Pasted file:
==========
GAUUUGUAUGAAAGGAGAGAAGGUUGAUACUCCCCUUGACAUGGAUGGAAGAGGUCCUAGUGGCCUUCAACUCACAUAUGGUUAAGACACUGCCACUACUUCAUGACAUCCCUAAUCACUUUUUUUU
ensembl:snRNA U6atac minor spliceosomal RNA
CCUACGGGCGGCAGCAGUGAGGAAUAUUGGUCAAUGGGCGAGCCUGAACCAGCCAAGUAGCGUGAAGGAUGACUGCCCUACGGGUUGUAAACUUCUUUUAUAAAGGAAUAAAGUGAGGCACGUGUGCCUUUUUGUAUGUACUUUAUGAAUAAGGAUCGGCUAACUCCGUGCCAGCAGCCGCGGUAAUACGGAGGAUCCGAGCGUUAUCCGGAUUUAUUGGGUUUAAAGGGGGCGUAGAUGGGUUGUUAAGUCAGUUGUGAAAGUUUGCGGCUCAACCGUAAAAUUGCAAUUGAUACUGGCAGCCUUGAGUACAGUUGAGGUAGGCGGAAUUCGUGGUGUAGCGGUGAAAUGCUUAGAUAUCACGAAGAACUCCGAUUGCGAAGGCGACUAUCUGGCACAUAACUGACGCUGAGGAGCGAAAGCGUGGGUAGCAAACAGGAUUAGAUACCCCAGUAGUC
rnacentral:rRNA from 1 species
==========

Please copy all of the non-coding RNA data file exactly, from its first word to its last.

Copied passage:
GAUUUGUAUGAAAGGAGAGAAGGUUGAUACUCCCCUUGACAUGGAUGGAAGAGGUCCUAGUGGCCUUCAACUCACAUAUGGUUAAGACACUGCCACUACUUCAUGACAUCCCUAAUCACUUUUUUUU
ensembl:snRNA U6atac minor spliceosomal RNA
CCUACGGGCGGCAGCAGUGAGGAAUAUUGGUCAAUGGGCGAGCCUGAACCAGCCAAGUAGCGUGAAGGAUGACUGCCCUACGGGUUGUAAACUUCUUUUAUAAAGGAAUAAAGUGAGGCACGUGUGCCUUUUUGUAUGUACUUUAUGAAUAAGGAUCGGCUAACUCCGUGCCAGCAGCCGCGGUAAUACGGAGGAUCCGAGCGUUAUCCGGAUUUAUUGGGUUUAAAGGGGGCGUAGAUGGGUUGUUAAGUCAGUUGUGAAAGUUUGCGGCUCAACCGUAAAAUUGCAAUUGAUACUGGCAGCCUUGAGUACAGUUGAGGUAGGCGGAAUUCGUGGUGUAGCGGUGAAAUGCUUAGAUAUCACGAAGAACUCCGAUUGCGAAGGCGACUAUCUGGCACAUAACUGACGCUGAGGAGCGAAAGCGUGGGUAGCAAACAGGAUUAGAUACCCCAGUAGUC
rnacentral:rRNA from 1 species